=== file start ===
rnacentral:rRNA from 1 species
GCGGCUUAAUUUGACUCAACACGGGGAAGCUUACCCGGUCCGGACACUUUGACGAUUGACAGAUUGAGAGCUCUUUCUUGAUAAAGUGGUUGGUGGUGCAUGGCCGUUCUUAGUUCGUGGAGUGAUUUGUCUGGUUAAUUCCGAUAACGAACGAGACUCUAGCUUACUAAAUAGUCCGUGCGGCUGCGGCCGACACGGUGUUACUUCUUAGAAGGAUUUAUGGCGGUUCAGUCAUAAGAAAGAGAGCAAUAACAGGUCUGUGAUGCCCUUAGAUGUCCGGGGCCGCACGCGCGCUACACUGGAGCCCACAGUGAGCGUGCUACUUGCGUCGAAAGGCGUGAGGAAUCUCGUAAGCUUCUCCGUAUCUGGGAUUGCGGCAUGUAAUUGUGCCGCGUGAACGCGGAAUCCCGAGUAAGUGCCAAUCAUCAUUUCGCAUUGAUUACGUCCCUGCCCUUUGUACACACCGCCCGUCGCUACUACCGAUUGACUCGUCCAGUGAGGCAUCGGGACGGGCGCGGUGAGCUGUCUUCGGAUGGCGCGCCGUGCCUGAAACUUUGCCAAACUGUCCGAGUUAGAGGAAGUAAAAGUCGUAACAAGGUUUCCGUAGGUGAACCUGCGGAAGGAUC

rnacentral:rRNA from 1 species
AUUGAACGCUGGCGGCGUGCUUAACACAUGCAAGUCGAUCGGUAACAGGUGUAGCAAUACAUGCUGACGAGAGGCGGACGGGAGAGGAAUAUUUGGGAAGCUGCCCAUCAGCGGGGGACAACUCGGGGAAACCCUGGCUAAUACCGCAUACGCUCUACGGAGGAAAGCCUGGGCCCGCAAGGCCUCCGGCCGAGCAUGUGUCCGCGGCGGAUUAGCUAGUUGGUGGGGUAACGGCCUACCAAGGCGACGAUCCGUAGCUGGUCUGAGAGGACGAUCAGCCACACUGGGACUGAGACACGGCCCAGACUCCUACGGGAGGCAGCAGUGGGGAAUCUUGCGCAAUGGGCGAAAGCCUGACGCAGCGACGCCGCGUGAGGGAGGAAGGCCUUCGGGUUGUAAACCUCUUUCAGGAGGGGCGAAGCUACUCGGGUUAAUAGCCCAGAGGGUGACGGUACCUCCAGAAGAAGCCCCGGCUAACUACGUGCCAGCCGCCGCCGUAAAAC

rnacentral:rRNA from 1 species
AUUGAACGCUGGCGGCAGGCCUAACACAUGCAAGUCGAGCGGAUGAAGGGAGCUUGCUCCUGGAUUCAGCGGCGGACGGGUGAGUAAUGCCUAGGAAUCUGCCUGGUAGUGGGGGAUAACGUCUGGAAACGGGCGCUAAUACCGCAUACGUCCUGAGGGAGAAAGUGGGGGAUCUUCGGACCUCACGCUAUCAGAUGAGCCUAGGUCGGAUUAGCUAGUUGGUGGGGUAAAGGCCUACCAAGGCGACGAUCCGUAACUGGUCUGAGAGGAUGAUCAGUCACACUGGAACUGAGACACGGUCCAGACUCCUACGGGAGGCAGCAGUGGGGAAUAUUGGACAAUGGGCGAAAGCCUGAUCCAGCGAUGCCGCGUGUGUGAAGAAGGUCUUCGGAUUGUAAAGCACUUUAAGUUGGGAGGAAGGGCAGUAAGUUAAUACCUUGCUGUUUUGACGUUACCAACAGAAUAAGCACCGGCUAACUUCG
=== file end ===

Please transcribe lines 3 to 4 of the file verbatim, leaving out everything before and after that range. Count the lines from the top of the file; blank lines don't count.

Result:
rnacentral:rRNA from 1 species
AUUGAACGCUGGCGGCGUGCUUAACACAUGCAAGUCGAUCGGUAACAGGUGUAGCAAUACAUGCUGACGAGAGGCGGACGGGAGAGGAAUAUUUGGGAAGCUGCCCAUCAGCGGGGGACAACUCGGGGAAACCCUGGCUAAUACCGCAUACGCUCUACGGAGGAAAGCCUGGGCCCGCAAGGCCUCCGGCCGAGCAUGUGUCCGCGGCGGAUUAGCUAGUUGGUGGGGUAACGGCCUACCAAGGCGACGAUCCGUAGCUGGUCUGAGAGGACGAUCAGCCACACUGGGACUGAGACACGGCCCAGACUCCUACGGGAGGCAGCAGUGGGGAAUCUUGCGCAAUGGGCGAAAGCCUGACGCAGCGACGCCGCGUGAGGGAGGAAGGCCUUCGGGUUGUAAACCUCUUUCAGGAGGGGCGAAGCUACUCGGGUUAAUAGCCCAGAGGGUGACGGUACCUCCAGAAGAAGCCCCGGCUAACUACGUGCCAGCCGCCGCCGUAAAAC